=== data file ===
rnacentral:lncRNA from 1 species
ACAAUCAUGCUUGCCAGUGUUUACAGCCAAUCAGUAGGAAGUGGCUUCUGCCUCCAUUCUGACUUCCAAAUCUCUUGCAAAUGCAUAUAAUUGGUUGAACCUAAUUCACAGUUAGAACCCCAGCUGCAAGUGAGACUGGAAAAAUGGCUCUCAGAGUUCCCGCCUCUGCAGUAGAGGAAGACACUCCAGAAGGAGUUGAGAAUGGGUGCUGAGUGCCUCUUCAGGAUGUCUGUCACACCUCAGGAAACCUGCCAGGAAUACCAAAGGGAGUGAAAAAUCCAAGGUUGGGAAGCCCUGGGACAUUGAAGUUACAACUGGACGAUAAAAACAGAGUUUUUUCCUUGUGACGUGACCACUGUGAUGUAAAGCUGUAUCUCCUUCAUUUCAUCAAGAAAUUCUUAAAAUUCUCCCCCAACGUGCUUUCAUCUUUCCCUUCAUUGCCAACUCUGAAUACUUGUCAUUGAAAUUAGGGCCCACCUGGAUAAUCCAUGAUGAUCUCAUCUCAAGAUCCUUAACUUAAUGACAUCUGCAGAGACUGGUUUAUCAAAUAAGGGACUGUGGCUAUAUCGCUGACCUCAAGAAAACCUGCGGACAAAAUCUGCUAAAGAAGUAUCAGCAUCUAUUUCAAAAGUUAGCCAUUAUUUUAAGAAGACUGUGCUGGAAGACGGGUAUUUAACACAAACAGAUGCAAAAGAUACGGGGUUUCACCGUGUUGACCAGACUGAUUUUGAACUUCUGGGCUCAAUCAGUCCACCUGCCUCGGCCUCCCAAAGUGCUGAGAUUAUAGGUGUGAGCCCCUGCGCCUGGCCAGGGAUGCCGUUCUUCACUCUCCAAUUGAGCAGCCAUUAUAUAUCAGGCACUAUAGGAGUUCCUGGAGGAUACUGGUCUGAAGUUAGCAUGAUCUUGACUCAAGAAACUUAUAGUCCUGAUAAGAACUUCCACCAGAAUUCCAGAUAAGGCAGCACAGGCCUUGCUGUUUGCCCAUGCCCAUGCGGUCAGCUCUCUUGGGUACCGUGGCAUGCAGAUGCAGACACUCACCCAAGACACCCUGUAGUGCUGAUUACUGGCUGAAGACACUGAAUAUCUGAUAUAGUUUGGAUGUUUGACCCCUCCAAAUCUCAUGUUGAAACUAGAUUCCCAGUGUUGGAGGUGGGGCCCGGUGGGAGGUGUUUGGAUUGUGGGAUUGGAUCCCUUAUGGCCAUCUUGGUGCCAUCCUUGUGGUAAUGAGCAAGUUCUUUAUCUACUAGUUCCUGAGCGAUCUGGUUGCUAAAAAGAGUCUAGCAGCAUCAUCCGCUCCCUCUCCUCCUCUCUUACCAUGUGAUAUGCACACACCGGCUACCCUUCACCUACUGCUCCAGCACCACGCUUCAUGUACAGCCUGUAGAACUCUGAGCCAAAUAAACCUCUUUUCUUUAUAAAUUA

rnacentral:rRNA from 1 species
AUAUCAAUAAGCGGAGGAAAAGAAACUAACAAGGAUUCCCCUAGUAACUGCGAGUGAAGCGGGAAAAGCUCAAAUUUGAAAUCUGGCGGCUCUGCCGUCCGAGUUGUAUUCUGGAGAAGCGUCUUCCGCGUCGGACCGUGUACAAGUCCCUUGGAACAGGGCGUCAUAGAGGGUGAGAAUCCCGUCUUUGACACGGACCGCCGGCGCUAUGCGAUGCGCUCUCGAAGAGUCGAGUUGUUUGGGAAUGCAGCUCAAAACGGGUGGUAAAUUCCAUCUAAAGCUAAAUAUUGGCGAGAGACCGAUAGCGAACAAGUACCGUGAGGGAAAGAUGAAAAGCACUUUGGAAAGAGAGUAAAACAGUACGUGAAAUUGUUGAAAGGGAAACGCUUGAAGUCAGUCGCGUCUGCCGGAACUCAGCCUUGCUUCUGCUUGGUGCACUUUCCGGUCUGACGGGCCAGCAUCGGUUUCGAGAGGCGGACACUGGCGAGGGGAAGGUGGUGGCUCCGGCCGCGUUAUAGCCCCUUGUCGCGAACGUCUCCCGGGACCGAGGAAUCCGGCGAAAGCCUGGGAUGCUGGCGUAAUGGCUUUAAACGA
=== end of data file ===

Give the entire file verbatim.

rnacentral:lncRNA from 1 species
ACAAUCAUGCUUGCCAGUGUUUACAGCCAAUCAGUAGGAAGUGGCUUCUGCCUCCAUUCUGACUUCCAAAUCUCUUGCAAAUGCAUAUAAUUGGUUGAACCUAAUUCACAGUUAGAACCCCAGCUGCAAGUGAGACUGGAAAAAUGGCUCUCAGAGUUCCCGCCUCUGCAGUAGAGGAAGACACUCCAGAAGGAGUUGAGAAUGGGUGCUGAGUGCCUCUUCAGGAUGUCUGUCACACCUCAGGAAACCUGCCAGGAAUACCAAAGGGAGUGAAAAAUCCAAGGUUGGGAAGCCCUGGGACAUUGAAGUUACAACUGGACGAUAAAAACAGAGUUUUUUCCUUGUGACGUGACCACUGUGAUGUAAAGCUGUAUCUCCUUCAUUUCAUCAAGAAAUUCUUAAAAUUCUCCCCCAACGUGCUUUCAUCUUUCCCUUCAUUGCCAACUCUGAAUACUUGUCAUUGAAAUUAGGGCCCACCUGGAUAAUCCAUGAUGAUCUCAUCUCAAGAUCCUUAACUUAAUGACAUCUGCAGAGACUGGUUUAUCAAAUAAGGGACUGUGGCUAUAUCGCUGACCUCAAGAAAACCUGCGGACAAAAUCUGCUAAAGAAGUAUCAGCAUCUAUUUCAAAAGUUAGCCAUUAUUUUAAGAAGACUGUGCUGGAAGACGGGUAUUUAACACAAACAGAUGCAAAAGAUACGGGGUUUCACCGUGUUGACCAGACUGAUUUUGAACUUCUGGGCUCAAUCAGUCCACCUGCCUCGGCCUCCCAAAGUGCUGAGAUUAUAGGUGUGAGCCCCUGCGCCUGGCCAGGGAUGCCGUUCUUCACUCUCCAAUUGAGCAGCCAUUAUAUAUCAGGCACUAUAGGAGUUCCUGGAGGAUACUGGUCUGAAGUUAGCAUGAUCUUGACUCAAGAAACUUAUAGUCCUGAUAAGAACUUCCACCAGAAUUCCAGAUAAGGCAGCACAGGCCUUGCUGUUUGCCCAUGCCCAUGCGGUCAGCUCUCUUGGGUACCGUGGCAUGCAGAUGCAGACACUCACCCAAGACACCCUGUAGUGCUGAUUACUGGCUGAAGACACUGAAUAUCUGAUAUAGUUUGGAUGUUUGACCCCUCCAAAUCUCAUGUUGAAACUAGAUUCCCAGUGUUGGAGGUGGGGCCCGGUGGGAGGUGUUUGGAUUGUGGGAUUGGAUCCCUUAUGGCCAUCUUGGUGCCAUCCUUGUGGUAAUGAGCAAGUUCUUUAUCUACUAGUUCCUGAGCGAUCUGGUUGCUAAAAAGAGUCUAGCAGCAUCAUCCGCUCCCUCUCCUCCUCUCUUACCAUGUGAUAUGCACACACCGGCUACCCUUCACCUACUGCUCCAGCACCACGCUUCAUGUACAGCCUGUAGAACUCUGAGCCAAAUAAACCUCUUUUCUUUAUAAAUUA

rnacentral:rRNA from 1 species
AUAUCAAUAAGCGGAGGAAAAGAAACUAACAAGGAUUCCCCUAGUAACUGCGAGUGAAGCGGGAAAAGCUCAAAUUUGAAAUCUGGCGGCUCUGCCGUCCGAGUUGUAUUCUGGAGAAGCGUCUUCCGCGUCGGACCGUGUACAAGUCCCUUGGAACAGGGCGUCAUAGAGGGUGAGAAUCCCGUCUUUGACACGGACCGCCGGCGCUAUGCGAUGCGCUCUCGAAGAGUCGAGUUGUUUGGGAAUGCAGCUCAAAACGGGUGGUAAAUUCCAUCUAAAGCUAAAUAUUGGCGAGAGACCGAUAGCGAACAAGUACCGUGAGGGAAAGAUGAAAAGCACUUUGGAAAGAGAGUAAAACAGUACGUGAAAUUGUUGAAAGGGAAACGCUUGAAGUCAGUCGCGUCUGCCGGAACUCAGCCUUGCUUCUGCUUGGUGCACUUUCCGGUCUGACGGGCCAGCAUCGGUUUCGAGAGGCGGACACUGGCGAGGGGAAGGUGGUGGCUCCGGCCGCGUUAUAGCCCCUUGUCGCGAACGUCUCCCGGGACCGAGGAAUCCGGCGAAAGCCUGGGAUGCUGGCGUAAUGGCUUUAAACGA